Underwater America

Executive Summary

Executive Summary 

CONTRARY TO THE CLAIMS OF MANY observers that the recent rise in housing prices is solving the nation’s foreclosure and related economic crises, millions of families continue to face financial devastation from which many may never recover. This report examines national trends that are leaving many families behind and identifies the most troubled geographic “hot spots”– metro areas, cities, and neighborhoods in all regions of the country—where a significant portion of families are still “underwater,” which means they owe more on their mortgages than their homes are worth. 

Despite home prices rising in many parts of the country, the total value of owner-occupied housing still remains $3.2 trillion below 2006 levels. Despite rising home prices, there are still some 9.8 million households underwater, representing 19.4 percent of all mortgaged homes—nearly one out of every five such homes. Underwater homeowners are significantly more likely to default on their mortgages than homeowners with positive equity. 

In the first report of its kind, we analyze negative equity and foreclosure data together with race and income data, at the ZIP code level, the city level and the metropolitan area level. The report shows that if we drill down to the neighborhood level, a startling number of communities across the country still face very high underwater rates.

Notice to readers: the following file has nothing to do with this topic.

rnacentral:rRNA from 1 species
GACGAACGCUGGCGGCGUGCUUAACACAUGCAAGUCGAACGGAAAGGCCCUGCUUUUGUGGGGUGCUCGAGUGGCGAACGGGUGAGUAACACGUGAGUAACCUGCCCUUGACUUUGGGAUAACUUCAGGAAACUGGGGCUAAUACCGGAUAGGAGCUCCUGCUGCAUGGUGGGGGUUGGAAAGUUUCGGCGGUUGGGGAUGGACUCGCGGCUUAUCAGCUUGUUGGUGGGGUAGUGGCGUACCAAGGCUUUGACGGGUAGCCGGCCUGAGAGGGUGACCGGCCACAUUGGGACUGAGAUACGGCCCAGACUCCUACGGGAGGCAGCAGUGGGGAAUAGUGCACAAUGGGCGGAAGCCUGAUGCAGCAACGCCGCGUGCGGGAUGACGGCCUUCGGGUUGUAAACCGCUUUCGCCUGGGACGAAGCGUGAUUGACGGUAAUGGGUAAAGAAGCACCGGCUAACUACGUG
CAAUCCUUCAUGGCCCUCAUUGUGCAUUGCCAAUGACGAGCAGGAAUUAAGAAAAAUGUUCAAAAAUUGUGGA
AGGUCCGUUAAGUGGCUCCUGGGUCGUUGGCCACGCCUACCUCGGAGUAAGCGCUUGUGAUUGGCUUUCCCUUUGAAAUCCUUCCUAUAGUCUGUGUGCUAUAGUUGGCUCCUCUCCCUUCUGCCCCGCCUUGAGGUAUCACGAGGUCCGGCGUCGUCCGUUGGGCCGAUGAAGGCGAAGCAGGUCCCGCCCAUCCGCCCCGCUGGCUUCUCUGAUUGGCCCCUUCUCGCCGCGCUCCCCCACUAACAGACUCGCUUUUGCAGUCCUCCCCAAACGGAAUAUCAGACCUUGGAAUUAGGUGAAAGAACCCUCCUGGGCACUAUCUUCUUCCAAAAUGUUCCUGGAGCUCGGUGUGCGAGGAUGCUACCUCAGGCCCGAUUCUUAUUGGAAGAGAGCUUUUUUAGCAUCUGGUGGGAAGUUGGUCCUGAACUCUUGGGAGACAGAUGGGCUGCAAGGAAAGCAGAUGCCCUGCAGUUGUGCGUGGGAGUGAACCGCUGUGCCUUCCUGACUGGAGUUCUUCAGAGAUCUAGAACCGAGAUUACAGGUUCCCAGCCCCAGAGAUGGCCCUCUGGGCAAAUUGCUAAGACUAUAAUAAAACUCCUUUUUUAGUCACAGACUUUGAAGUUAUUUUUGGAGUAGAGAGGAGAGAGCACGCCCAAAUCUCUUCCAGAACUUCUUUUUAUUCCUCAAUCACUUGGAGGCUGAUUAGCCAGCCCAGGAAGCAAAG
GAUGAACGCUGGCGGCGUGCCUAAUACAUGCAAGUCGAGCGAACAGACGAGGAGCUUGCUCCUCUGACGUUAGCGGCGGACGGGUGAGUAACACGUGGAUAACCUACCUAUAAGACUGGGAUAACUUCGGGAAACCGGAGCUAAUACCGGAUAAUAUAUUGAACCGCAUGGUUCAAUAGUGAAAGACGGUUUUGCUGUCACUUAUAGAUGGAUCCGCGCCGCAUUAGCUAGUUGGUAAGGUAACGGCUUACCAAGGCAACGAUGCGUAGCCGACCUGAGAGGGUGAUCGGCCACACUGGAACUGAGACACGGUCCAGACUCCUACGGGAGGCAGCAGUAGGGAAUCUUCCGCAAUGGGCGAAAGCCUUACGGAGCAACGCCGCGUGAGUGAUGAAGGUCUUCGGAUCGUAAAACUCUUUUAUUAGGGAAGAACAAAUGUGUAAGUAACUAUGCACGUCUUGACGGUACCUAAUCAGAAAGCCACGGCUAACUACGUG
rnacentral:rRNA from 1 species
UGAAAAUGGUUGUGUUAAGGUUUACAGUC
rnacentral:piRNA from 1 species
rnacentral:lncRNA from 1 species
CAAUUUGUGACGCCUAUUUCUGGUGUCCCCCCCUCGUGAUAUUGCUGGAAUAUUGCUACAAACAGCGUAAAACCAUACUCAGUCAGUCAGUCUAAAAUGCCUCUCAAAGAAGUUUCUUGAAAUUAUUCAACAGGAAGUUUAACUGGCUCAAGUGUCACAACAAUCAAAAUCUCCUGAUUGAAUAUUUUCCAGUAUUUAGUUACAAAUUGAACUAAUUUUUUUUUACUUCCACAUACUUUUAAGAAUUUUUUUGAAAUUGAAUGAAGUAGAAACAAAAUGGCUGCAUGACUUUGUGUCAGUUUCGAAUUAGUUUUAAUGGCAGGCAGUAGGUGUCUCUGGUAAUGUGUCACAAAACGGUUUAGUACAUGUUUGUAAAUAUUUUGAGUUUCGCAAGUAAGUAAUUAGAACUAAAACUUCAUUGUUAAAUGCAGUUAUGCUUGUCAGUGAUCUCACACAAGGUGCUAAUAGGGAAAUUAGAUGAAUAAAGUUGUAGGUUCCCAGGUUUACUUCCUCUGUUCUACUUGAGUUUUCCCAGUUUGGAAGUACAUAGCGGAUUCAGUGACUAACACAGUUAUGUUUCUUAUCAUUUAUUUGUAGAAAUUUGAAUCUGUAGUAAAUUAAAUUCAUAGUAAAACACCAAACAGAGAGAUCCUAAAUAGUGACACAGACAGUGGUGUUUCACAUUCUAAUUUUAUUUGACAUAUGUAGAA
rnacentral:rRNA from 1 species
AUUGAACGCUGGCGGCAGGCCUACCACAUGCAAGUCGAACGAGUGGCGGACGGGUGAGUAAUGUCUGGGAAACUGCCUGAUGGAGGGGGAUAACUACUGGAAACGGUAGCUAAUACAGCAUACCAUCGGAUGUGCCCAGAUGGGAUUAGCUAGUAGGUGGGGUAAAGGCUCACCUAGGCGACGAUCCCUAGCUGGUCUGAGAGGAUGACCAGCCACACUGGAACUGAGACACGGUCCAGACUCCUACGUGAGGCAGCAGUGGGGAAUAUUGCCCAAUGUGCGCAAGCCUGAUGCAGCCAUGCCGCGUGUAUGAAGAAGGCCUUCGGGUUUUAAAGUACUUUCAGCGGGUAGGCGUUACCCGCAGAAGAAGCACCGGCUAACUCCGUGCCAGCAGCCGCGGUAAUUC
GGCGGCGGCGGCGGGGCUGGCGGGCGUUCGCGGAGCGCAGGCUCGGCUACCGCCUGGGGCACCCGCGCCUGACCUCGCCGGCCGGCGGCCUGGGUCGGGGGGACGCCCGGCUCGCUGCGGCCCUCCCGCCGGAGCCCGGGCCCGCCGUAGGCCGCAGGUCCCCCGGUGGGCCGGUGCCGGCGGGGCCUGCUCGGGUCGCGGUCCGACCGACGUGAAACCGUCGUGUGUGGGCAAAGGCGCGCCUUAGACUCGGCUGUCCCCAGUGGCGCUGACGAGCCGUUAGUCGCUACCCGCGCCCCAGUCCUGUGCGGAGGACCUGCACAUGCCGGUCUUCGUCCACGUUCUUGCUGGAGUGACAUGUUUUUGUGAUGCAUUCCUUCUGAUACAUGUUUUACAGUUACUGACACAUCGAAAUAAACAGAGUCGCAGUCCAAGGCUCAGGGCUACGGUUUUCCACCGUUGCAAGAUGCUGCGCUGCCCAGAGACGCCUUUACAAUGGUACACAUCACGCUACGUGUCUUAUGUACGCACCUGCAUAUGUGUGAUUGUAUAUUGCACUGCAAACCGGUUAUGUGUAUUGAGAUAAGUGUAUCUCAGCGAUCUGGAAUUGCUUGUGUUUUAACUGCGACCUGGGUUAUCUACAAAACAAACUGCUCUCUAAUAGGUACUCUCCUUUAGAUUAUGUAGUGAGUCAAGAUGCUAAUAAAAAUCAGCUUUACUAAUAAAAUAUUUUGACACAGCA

The report also clearly shows that the legacy of predatory lending has resulted in a disproportionately negative impact on African American and Latino communities. For example, of the 100 cities with the highest underwater rates, in 71 of them the population is more than 40 percent African American and Latino.

Almost five million families have lost their homes to foreclosure since 2008, and foreclosures continue at rates higher than prior to the Great Recession. For African Americans and Latinos specifically, between 2005 and 2009, they experienced a decline in household wealth of 52 percent and 66 percent, respectively, compared to 16 percent for whites. This reflects, in large part, disparities in foreclosure rates among these groups, since for most Americans, and particularly for people of color, their homes are their largest source of wealth. Homeownership constituted 92 percent of the net worth for African Americans and 67 percent for Latinos, compared to 58 percent for whites.

While some communities across the country have benefited from rising home prices, this upward trend is expected to slow down dramatically in 2014, which means the hot spots that have been left behind by the recovery are not likely to see their fortunes substantially improve any time soon. Market forces alone will not bring the recovery to these severely impacted communities. 

This image is of a house with a sign on its yard reading "STAND TOGETHER STOP FORECLOSURES STOP EVICTIONS"

KEY FINDINGS 

  • In the 15 hardest-hit metropolitan areas with populations over one million, between 23 percent and 35 percent of homeowners are underwater.
  • One in ten Americans live in the 100 hardest-hit cities where the number of underwater homeowners ranges from 22 percent to 56 percent.
  • More than 10 million Americans live in the 395 ZIP codes where between 43 percent and 76 percent of homeowners are underwater. n In those metropolitan areas, cities, and zip codes that have been hardest-hit, African Americans and Latinos constitute a far higher share of the population than they represent in the total population in the US.